Sunday, February 13, 2011

God can do anything, but...

I've always said that even though I decided long ago (over a decade now) that I was an atheist, I would always keep my mind open to the possibility that maybe I was wrong. After all, when I believed in a god, I was pretty darned convinced that I was right, and yet eventually I came around to seeing things from a new point of view. What's to stop me from going back over to the other side again?

I've been having a lot of discussions with theists - or maybe I should just call them Christians because it's not like I'm living in an area where the predominant religion is Sikhism. Some of these discussions have been online, and some of them have been in person. They have been overwhelmingly amicable, and I seem to continue with my habit of making friends with people with whom I'm arguing (sometimes even quite vehemently). What can I say? I still find these discussions to be intriguing. One of my friends even said that I seem to be "seeking" (or a word to that effect). I had the feeling with her, as I have had before with people who have said similar things, that she's holding out some hope that I'll once again find a belief in God.

If that's so, then I'm afraid she's setting herself up for disappointment, as I think that I'm even further away than I've ever been. The thing is, there are all kinds of theists out there. There are the fundamentalists, who are easy to dismiss because their faith usually rests on a foundation of ignorance. However, there are also the smart, reasonable theists, but I'm starting realize that while they may be smart, maybe even smarter than me in a lot of respects, their determination to believe in God triggers a temporary kill switch in their brains.

I was recently told that I apparently need things to "make sense" and "be logical." I was told this as though there's something wrong with that. I was also told by one of these people that he preferred an argument based on emotion than an argument based on logic. (At this point, if I had any brains at all, I would have just stopped debating. What's the point of trying to reason with somebody who basically just admitted that reason doesn't really matter?) I even had somebody admit to being aware of the circular logic that he must employ in order to maintain his belief. In other words, it's like these people are fully aware that these beliefs don't make any sense, but for one reason or another, they are going to keep on believing it.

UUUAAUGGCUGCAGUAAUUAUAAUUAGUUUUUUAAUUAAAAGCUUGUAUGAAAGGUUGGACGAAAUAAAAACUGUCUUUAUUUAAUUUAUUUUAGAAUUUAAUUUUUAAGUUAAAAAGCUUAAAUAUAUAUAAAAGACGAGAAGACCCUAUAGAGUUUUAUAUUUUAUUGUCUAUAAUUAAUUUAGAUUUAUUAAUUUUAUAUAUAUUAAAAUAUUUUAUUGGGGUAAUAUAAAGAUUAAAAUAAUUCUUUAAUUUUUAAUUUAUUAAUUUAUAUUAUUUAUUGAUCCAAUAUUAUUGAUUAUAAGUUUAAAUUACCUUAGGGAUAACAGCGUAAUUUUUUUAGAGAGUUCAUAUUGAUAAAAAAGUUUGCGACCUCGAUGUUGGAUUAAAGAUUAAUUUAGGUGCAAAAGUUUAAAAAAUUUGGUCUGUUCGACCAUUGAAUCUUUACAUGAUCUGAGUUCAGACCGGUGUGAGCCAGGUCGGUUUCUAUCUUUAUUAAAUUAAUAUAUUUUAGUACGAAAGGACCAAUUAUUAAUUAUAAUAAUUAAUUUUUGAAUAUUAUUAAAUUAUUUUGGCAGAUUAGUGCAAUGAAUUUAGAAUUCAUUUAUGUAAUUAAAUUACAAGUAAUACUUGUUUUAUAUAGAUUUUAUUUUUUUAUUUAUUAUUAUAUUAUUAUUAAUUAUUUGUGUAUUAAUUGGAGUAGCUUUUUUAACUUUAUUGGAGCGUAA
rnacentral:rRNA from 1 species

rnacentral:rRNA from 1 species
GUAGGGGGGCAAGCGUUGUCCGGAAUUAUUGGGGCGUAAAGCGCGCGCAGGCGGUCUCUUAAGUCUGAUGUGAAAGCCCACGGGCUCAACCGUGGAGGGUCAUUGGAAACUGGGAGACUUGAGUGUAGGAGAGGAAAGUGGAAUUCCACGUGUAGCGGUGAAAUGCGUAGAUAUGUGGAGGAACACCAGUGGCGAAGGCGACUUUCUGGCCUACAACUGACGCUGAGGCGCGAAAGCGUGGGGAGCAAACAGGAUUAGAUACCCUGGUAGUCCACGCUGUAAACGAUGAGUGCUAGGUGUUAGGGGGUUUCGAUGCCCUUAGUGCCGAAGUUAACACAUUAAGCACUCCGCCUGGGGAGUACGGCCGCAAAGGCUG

Ultimately the "truth" that I'm looking for is that some people just don't care about reason and logic. Oh, sure, some will use it for most of their decisions, but when it comes to the god issue, they gladly switch it off. They'll come up with all kinds of logical gymnastics to justify the most absurd things (like why God can't clearly condemn slavery in The Bible and why he allows innocents to suffer) and when you clearly point out why what they're saying doesn't make any sense, they'll fall back on their own subjective feelings - or a non sequitur about me "still being young". Perhaps I should send them over to the Rossmoor Atheists, an atheist group that's based in my local retirement community. Gonna tell those folks that they're "still young"?